"When they sing you’re transported to a different dimension, an unearthly realm. Here, you’ll find safety and security, you’ll be able to rest, to find peace. And here, you’ll discover the courage you need to start living the life you want. - NPR
The coming together of Rebecca Marie Miller & Joy Pearson as Portland, Oregon’s Lenore., is serendipitous, to say the least. After individually hitting rock bottom — Pearson following a divorce & Miller after a period of destitution in LA — the pair separately turned to songwriting in the search for a still point in their turning worlds.
After years of lending their abilities to other projects, they finally found themselves spinning on the same axis when a chance meeting through a mutual friend at Portland's iconic Doug Fir Lounge sparked an immediate connection. A drunken night ensued & before they’d even scoped each other’s material, they'd committed.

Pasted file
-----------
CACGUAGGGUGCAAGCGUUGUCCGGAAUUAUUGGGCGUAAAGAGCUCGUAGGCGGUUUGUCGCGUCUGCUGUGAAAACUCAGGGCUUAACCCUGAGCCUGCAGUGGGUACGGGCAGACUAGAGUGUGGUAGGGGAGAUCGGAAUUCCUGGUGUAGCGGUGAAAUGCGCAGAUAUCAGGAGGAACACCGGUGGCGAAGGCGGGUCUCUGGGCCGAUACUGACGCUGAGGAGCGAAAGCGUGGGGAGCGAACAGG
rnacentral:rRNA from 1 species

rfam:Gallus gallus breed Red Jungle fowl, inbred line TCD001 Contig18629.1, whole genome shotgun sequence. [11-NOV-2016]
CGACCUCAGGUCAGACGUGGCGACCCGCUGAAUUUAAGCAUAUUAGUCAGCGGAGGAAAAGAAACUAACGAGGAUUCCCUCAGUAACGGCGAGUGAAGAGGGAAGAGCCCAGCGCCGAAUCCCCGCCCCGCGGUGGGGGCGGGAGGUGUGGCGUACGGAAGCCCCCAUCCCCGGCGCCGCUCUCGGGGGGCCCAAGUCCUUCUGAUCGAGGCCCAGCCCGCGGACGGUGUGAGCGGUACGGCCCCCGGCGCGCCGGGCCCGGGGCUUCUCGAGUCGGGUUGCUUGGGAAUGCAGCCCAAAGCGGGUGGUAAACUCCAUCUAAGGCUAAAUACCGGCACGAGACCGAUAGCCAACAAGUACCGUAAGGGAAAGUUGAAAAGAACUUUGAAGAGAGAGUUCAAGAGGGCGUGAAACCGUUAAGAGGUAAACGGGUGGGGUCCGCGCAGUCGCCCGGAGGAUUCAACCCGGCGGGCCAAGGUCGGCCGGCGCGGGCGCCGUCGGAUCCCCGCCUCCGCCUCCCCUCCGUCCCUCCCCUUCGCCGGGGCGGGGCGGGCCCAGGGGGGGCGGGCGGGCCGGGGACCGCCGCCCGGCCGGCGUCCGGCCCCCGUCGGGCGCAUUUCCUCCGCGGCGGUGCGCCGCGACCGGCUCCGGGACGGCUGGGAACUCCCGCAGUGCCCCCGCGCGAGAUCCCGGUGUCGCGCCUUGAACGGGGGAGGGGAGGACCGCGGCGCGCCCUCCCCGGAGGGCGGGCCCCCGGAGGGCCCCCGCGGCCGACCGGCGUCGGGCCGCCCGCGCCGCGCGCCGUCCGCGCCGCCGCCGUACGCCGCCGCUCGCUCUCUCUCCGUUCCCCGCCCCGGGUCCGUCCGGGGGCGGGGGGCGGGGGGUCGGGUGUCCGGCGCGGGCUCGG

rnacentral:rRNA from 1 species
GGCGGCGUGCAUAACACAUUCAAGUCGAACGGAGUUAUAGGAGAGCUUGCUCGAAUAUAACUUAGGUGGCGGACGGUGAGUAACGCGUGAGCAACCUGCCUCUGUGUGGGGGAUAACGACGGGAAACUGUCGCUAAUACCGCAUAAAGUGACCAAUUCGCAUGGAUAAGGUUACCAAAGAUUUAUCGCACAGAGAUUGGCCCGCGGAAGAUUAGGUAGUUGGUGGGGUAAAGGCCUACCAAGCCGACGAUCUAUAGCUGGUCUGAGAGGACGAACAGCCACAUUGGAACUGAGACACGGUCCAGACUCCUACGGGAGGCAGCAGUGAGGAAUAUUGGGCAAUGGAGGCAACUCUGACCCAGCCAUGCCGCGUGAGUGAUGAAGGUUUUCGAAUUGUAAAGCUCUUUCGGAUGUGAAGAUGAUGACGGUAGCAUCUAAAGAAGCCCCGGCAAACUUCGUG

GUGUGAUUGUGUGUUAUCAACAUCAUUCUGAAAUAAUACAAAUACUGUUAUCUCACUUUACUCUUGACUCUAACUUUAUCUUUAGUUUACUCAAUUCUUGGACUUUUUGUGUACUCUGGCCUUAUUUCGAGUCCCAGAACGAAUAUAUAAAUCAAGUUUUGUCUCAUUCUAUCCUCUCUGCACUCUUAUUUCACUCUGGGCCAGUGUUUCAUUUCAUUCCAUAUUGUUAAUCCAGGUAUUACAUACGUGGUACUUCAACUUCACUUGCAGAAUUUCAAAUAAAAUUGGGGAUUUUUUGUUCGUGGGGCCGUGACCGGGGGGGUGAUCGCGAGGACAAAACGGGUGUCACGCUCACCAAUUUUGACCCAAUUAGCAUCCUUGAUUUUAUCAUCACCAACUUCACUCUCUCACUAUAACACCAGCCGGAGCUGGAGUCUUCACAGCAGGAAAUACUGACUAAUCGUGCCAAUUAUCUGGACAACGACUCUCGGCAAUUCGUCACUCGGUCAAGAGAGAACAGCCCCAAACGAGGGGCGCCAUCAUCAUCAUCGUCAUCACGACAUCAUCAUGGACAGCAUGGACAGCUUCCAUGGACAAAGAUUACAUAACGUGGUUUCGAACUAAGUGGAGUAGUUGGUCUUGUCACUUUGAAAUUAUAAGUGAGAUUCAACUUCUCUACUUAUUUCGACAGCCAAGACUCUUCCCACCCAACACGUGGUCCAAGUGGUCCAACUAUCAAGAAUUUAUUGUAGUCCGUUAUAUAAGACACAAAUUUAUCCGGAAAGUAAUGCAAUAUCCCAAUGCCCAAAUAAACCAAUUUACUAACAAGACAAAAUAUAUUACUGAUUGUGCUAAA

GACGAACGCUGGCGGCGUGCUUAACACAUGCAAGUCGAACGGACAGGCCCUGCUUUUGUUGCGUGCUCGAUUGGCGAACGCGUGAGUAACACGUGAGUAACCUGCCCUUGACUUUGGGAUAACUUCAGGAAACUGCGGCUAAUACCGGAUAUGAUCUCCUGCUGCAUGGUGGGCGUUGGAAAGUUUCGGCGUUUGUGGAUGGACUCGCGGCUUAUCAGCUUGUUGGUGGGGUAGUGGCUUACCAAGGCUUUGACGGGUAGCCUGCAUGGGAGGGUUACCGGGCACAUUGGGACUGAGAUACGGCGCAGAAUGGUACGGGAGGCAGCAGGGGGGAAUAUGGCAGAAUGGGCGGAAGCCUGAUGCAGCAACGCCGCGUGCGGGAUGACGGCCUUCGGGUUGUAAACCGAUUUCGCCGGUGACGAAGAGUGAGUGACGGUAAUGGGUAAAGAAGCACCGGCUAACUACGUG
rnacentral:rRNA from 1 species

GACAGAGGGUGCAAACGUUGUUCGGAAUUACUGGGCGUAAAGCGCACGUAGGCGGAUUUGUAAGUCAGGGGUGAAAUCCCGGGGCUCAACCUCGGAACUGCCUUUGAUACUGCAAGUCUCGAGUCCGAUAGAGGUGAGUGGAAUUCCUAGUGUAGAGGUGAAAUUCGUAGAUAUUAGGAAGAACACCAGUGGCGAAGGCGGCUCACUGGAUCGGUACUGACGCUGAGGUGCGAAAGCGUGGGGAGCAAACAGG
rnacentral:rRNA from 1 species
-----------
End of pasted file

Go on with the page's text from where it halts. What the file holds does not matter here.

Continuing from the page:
Since that fateful evening, Lenore. can boast having performed at legendary PNW venues including the Doug Fir, Mississippi Studios, Aladdin Theater & Revolution Hall in Portland; as well as the Sunset Tavern, Triple Door & Tractor Tavern in Seattle. They've opened for Eric Bachmann, Laura Gibson, Blitzen Trapper, Gomez, The Mynabirds & they've performed alongside Peter Buck (R.E.M.), as well as Chris Funk & Jenny Conlee of The Decemberists. In August 2019 they were invited to perform at Traveler's Rest, a festival curated and run by The Decemberists with whom they shared billing, in addition to Sharon Jones, Death Cab For Cutie, Jeff Tweedy & Tune-Yards, to name a few.
Since forming Lenore., Miller & Pearson have gained full-time collaborators in seasoned Portland musicians Edward Cameron (classical guitar) & Jessie Dettwiler (cello), who have contributed significantly to the evolution of Lenore.'s sound — A dreamy melancholic blend of harmony-driven folk with an ever-present sense of hope. More recently, Lenore. welcomed Austin Christ (bass & electric guitar) to their musical family & they are often joined by Daniel Hunt (drums).
Patrick Dethlefs’ songwriting crests like a humble Townes Van Zandt, innocent of his own haunting melodies and lyricism. Dethlefs’ music offers folk Americana with effortless sincerity at a time when many acts strive purposefully to revive the stripped-down feel of a musical history long past.